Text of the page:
“During Vietnam, they were in their early 20s -- at most -- and their stories helped me reflect on my service,” Harrigan said, like the war zones of Liberia, where the innocent people cried for his help.

“I didn’t have an answer for myself then,” he said, on the impact they had on him. “All I knew was there was still sorrow in my heart from that terrible civil war, and I carried it with me.”

He carried that sorrow to New York City, where he went on to earn a master’s degree in counseling from Columbia University. Now in his late 20s, Harrigan found some closure when he met a patient suffering from psychosis.

At least, that was her diagnosis on paper.

She was an African native, and looked “worn and drained out,” he said She was a refugee from the first Liberian civil war, where her brother and father were both killed. For all he knew, the midnight firefights in Liberia could have been where they died.

“As a young counselor, I was nervous about how much to disclose, because I didn’t want to interfere with the relationship, right?” Harrigan said. “But, I had to tell her I was there, too. I was one of the Marines at the embassy who the Liberians were crying out for.”

She remembered that moment, too, and smiled through her pain.

“It wasn’t psychosis, she just had terrible trauma caused by what happened” in Liberia, he said. After a few weeks, they helped each other, through a mutual friendship, and moved on from the war.

“It meant a lot to help at least one person’s recovery from that war,” Harrigan said, looking back on his early clinical days before going on to receive a Ph.D. from the University of Miami.

Around this time, he also accepted a job with the Department of Veterans Affairs in Buffalo, where he focuses on PTSD, military families, and other issues. After a 20-year hiatus in military service, he went back to the recruiter’s office.

Although he admitted this time around he was a little older and slower than he was as a Marine fresh out of high school, it didn’t slow down his will to serve.

Operation Inherent Resolve

By the time 2016 rolled around, an older and wiser Harrigan -- now an Army Reserve medical officer -- went on a nine-month deployment to support Operation Inherent Resolve in Iraq. The mission brought together coalition forces to help train the Iraqi military in their fight against ISIS.

In Iraq, Harrigan was attached to a small medical unit that trekked all over, from Mosul to Baghdad, to Al Asad Airbase, to every outpost around the country.

At every stop, Harrigan and team made their rounds to meet everyone.

We became familiar faces for a lot of units,” Harrigan recalled. “A key part of behavioral health is working with chaplains and ministry teams located in all the remote posts, because no matter how remote, there is a chaplain around somewhere.”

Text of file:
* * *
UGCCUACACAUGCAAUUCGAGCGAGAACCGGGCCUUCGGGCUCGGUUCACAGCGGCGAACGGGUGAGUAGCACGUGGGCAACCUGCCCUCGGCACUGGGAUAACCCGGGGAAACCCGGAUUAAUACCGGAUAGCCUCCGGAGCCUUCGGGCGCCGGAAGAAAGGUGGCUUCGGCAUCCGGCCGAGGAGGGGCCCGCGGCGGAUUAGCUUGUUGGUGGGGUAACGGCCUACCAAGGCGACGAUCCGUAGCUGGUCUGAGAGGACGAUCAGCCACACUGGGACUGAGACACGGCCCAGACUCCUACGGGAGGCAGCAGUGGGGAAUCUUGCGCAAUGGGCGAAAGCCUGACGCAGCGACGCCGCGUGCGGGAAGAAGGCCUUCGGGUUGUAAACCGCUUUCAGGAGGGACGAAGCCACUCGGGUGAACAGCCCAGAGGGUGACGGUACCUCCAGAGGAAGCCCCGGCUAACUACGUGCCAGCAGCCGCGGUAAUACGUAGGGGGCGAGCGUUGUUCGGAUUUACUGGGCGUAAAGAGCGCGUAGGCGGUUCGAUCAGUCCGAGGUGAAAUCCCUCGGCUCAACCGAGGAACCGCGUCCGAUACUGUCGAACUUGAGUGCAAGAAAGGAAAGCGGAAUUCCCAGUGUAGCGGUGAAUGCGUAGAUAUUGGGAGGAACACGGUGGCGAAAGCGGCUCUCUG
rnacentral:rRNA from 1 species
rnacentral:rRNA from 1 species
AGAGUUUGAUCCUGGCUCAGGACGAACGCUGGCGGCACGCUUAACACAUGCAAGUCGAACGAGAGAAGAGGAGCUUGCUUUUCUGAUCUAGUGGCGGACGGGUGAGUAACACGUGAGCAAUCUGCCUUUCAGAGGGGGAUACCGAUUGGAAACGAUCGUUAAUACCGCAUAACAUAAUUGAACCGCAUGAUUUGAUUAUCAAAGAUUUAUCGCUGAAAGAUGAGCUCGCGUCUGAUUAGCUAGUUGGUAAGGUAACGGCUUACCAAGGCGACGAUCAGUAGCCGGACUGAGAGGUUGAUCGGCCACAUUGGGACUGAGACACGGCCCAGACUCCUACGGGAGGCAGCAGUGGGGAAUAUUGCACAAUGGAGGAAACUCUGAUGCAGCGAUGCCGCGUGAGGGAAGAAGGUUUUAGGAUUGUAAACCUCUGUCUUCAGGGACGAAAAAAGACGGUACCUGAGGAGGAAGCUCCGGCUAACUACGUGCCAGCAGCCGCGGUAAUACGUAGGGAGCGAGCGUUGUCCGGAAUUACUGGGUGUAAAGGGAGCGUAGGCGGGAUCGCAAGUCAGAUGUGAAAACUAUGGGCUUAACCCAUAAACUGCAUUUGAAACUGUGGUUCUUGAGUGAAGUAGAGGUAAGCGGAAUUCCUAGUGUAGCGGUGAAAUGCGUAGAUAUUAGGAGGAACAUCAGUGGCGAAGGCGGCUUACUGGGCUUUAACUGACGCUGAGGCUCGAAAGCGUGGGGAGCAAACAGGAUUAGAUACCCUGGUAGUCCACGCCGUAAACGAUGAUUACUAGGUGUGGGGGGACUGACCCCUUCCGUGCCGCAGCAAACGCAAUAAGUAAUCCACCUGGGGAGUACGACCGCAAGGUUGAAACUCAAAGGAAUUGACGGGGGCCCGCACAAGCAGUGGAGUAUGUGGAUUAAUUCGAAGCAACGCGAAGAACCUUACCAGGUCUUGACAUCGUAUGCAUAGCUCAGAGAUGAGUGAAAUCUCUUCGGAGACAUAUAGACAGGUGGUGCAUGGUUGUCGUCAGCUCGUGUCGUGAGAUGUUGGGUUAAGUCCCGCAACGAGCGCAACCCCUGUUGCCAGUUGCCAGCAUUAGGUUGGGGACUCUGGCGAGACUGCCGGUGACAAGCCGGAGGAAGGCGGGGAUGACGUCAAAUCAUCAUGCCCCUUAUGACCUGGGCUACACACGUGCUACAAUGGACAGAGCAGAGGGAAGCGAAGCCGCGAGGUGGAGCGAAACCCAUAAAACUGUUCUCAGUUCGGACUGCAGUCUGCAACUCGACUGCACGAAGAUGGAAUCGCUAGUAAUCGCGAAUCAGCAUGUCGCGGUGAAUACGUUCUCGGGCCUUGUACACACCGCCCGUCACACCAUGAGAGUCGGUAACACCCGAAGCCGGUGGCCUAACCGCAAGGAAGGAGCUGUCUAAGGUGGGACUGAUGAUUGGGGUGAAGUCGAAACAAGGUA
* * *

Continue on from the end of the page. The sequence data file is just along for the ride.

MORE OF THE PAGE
In those days, then-Spc. George Berko -- today a New York City preacher -- was always by his side. Berko, Harrigan’s self-described battle buddy in Iraq, said, “[Harrigan] is an exceptional behavioral health provider, even in Iraq, his doors were always open.”

Over time, their walkabouts became a critical part of the behavioral health mission. It wasn’t just Soldiers, Harrigan said, but most of the service members, contractors, and Iraqis knew him by name.

Fast forward a few years, and more than 6,000 miles away, and shades of the Iraq deployment helped the doctor fight COVID-19.

New Jersey frontlines

As the officer-in-charge of the behavioral health team at the University Hospital in Newark, New Jersey, Harrigan’s strategy was similar to his Iraq deployment -- simply put, he worked overtime and cared for everybody. At the hospital, he worked in multiple areas: emergency psychiatric, inpatient psychiatry, and with his old friends in the chaplains’ office.

But his top priority was simple: go where the caregivers were, he said, and care for them.

Harrigan “took the lead on checking in with every Soldier at the hospital,” Velazquez said. “This could have been a concern, because not every Soldier will seek out behavioral health. But, [Harrigan] was there to ensure everyone was OK.”

“We provided psychological support for the staff, who have gone through so much, and we worked closely with the associate director for nursing on staff resilience programs,” he said.

But his help stretched far beyond his job title. As every part of the hospital filled to the brink, Harrigan’s team didn’t shy away from anything, including the overcrowded morgue, that was further beyond capacity by the day, Harrigan explained.

“These people were loved by someone,” he said. They had special blankets, pictures, other items at their bedsides. Some were able to say goodbye on an iPad but died alone. Each of them deserved to be honored.

Like in Iraq, after a young British soldier died in a gunfight, Harrigan quickly organized a memorial for him, because he said, although death is hard “in a war, you have to get back in the fight.”

That was his call to service: to care for the caregivers. Whether it’s on the battlefield, with veterans of a previous generation, or at home, it’s a common thread his career has been defined by.